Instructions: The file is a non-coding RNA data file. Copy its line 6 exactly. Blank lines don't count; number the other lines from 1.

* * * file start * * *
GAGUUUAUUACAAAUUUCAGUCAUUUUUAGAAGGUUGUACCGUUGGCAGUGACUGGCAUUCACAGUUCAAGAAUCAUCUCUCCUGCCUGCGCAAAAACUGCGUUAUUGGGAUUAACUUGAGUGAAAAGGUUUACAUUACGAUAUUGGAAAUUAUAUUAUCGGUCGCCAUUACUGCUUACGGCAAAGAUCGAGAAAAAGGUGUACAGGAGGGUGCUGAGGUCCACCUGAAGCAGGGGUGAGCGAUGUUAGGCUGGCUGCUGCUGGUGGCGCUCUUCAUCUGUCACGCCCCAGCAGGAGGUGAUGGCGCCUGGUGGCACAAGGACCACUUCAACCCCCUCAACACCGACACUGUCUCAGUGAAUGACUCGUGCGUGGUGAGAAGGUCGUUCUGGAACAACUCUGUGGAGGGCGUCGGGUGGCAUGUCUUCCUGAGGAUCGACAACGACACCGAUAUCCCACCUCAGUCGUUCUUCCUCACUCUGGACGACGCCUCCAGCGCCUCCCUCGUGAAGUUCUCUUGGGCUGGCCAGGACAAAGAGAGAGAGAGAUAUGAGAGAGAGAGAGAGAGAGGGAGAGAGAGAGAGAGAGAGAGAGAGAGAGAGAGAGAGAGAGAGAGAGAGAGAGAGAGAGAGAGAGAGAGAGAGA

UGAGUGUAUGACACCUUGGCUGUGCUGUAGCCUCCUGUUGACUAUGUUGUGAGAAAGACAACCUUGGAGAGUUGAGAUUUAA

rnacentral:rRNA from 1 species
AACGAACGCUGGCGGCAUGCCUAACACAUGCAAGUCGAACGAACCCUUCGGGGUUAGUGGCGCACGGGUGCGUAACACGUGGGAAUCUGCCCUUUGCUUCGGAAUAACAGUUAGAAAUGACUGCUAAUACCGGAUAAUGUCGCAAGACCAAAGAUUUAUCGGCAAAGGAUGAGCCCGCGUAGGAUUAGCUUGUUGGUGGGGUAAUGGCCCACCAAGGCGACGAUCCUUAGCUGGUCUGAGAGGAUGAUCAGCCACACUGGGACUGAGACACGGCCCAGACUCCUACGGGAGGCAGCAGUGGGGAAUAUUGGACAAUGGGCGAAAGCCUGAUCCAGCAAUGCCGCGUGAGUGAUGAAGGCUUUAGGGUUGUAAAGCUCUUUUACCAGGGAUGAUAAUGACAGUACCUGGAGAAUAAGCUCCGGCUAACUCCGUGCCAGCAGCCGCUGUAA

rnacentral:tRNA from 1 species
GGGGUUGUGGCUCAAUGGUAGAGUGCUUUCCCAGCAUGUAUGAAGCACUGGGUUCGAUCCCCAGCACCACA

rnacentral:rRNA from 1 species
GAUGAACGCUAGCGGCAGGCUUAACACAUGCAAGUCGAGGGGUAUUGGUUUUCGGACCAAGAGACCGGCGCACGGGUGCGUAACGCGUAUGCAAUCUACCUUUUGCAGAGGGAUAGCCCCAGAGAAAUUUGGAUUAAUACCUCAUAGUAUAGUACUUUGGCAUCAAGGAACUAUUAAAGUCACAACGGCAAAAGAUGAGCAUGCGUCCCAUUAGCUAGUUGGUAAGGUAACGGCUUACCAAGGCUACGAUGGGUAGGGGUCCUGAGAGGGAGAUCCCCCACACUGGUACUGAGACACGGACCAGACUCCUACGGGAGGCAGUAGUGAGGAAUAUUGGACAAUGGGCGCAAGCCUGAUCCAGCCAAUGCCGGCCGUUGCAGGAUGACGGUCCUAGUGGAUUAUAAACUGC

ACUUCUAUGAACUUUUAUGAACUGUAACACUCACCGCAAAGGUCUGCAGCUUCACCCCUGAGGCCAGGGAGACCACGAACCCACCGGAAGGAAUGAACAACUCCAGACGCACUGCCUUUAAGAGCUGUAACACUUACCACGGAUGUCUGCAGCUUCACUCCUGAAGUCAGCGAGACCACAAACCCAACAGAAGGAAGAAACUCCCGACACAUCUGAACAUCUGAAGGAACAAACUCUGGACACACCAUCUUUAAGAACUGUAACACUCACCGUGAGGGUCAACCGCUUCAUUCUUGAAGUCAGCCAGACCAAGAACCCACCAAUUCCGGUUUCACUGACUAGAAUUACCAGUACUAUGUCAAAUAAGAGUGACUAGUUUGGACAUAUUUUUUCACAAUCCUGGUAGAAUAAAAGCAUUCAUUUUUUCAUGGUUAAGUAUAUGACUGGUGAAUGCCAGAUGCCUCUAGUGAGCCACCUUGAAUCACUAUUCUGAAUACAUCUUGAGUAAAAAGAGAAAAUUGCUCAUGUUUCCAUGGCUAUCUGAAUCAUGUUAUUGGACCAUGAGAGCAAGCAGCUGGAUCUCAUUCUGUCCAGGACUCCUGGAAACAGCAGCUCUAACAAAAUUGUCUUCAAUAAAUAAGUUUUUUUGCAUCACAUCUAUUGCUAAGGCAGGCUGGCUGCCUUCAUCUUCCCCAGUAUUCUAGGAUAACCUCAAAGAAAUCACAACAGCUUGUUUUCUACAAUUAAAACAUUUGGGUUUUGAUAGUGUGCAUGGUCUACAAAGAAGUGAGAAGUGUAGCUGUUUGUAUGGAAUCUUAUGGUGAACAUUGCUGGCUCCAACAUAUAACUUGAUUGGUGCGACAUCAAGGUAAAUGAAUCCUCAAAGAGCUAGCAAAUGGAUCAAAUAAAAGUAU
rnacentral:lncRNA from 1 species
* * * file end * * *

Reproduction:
GGGGUUGUGGCUCAAUGGUAGAGUGCUUUCCCAGCAUGUAUGAAGCACUGGGUUCGAUCCCCAGCACCACA